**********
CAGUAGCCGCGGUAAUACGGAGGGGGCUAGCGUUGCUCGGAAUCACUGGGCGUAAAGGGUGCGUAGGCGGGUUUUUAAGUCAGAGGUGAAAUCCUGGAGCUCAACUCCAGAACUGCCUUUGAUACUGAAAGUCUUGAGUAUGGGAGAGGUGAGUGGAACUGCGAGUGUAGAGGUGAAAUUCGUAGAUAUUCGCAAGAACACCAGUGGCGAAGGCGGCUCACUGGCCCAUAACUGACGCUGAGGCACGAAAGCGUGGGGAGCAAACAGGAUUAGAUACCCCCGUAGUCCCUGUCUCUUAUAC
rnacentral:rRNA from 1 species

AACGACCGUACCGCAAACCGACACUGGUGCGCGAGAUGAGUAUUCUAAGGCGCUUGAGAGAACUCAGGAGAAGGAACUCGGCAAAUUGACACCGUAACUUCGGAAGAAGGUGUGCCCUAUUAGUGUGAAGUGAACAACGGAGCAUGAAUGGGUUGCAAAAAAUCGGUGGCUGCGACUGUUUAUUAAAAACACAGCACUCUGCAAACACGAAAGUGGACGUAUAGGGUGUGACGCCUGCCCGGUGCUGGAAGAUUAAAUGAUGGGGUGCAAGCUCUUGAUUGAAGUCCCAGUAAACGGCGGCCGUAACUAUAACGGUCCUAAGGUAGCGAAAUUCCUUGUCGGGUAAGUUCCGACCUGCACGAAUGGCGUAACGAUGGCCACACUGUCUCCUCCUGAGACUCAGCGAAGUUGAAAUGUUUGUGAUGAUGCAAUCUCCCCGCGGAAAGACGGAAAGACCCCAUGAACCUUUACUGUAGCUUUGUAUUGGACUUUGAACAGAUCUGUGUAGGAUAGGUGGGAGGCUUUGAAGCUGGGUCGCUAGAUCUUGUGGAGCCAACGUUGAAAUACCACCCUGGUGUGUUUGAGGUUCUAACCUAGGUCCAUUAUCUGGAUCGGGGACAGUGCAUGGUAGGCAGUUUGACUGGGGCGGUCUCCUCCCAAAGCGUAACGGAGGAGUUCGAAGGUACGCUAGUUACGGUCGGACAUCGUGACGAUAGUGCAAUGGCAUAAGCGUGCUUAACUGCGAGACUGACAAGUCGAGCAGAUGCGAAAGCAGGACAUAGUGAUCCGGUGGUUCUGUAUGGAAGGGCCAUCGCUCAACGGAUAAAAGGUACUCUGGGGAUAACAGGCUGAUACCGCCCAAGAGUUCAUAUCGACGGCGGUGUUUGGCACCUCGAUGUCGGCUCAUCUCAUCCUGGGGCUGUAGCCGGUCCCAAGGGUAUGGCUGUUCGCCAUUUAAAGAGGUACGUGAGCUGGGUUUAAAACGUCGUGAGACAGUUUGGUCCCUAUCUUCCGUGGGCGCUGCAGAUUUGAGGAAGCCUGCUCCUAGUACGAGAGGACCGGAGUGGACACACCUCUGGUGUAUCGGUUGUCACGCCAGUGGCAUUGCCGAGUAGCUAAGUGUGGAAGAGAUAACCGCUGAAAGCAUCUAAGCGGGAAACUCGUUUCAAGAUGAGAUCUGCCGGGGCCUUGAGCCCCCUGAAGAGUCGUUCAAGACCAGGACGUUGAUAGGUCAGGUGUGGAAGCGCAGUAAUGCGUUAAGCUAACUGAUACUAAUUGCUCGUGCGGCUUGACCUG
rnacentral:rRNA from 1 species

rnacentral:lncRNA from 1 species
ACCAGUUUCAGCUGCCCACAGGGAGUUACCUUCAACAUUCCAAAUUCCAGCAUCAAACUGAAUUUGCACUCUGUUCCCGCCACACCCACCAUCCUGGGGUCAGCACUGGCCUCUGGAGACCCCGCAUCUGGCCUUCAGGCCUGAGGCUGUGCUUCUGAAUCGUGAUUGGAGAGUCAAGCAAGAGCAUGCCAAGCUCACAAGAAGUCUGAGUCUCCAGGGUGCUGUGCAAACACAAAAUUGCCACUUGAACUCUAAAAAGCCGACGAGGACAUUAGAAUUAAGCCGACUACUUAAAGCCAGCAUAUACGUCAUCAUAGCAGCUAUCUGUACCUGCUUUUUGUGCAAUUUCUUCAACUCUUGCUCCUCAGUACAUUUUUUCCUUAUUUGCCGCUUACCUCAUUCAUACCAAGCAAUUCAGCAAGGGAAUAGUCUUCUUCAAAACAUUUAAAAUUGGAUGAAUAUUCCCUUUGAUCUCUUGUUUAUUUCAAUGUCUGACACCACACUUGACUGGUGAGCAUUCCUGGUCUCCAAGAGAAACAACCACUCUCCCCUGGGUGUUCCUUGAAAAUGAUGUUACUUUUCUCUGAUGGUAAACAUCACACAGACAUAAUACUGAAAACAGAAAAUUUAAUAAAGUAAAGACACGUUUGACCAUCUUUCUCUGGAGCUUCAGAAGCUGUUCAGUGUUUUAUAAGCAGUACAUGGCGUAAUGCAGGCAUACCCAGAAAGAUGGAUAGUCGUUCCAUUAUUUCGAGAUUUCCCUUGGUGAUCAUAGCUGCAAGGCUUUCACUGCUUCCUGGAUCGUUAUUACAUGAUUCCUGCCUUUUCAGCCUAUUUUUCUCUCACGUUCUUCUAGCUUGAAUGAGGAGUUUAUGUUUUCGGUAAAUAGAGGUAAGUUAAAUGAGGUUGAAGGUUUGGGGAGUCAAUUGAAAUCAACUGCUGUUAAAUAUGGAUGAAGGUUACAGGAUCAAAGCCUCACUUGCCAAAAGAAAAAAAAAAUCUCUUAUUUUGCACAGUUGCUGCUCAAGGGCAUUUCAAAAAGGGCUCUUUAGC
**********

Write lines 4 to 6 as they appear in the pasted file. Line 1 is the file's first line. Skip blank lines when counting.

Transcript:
rnacentral:rRNA from 1 species

rnacentral:lncRNA from 1 species
ACCAGUUUCAGCUGCCCACAGGGAGUUACCUUCAACAUUCCAAAUUCCAGCAUCAAACUGAAUUUGCACUCUGUUCCCGCCACACCCACCAUCCUGGGGUCAGCACUGGCCUCUGGAGACCCCGCAUCUGGCCUUCAGGCCUGAGGCUGUGCUUCUGAAUCGUGAUUGGAGAGUCAAGCAAGAGCAUGCCAAGCUCACAAGAAGUCUGAGUCUCCAGGGUGCUGUGCAAACACAAAAUUGCCACUUGAACUCUAAAAAGCCGACGAGGACAUUAGAAUUAAGCCGACUACUUAAAGCCAGCAUAUACGUCAUCAUAGCAGCUAUCUGUACCUGCUUUUUGUGCAAUUUCUUCAACUCUUGCUCCUCAGUACAUUUUUUCCUUAUUUGCCGCUUACCUCAUUCAUACCAAGCAAUUCAGCAAGGGAAUAGUCUUCUUCAAAACAUUUAAAAUUGGAUGAAUAUUCCCUUUGAUCUCUUGUUUAUUUCAAUGUCUGACACCACACUUGACUGGUGAGCAUUCCUGGUCUCCAAGAGAAACAACCACUCUCCCCUGGGUGUUCCUUGAAAAUGAUGUUACUUUUCUCUGAUGGUAAACAUCACACAGACAUAAUACUGAAAACAGAAAAUUUAAUAAAGUAAAGACACGUUUGACCAUCUUUCUCUGGAGCUUCAGAAGCUGUUCAGUGUUUUAUAAGCAGUACAUGGCGUAAUGCAGGCAUACCCAGAAAGAUGGAUAGUCGUUCCAUUAUUUCGAGAUUUCCCUUGGUGAUCAUAGCUGCAAGGCUUUCACUGCUUCCUGGAUCGUUAUUACAUGAUUCCUGCCUUUUCAGCCUAUUUUUCUCUCACGUUCUUCUAGCUUGAAUGAGGAGUUUAUGUUUUCGGUAAAUAGAGGUAAGUUAAAUGAGGUUGAAGGUUUGGGGAGUCAAUUGAAAUCAACUGCUGUUAAAUAUGGAUGAAGGUUACAGGAUCAAAGCCUCACUUGCCAAAAGAAAAAAAAAAUCUCUUAUUUUGCACAGUUGCUGCUCAAGGGCAUUUCAAAAAGGGCUCUUUAGC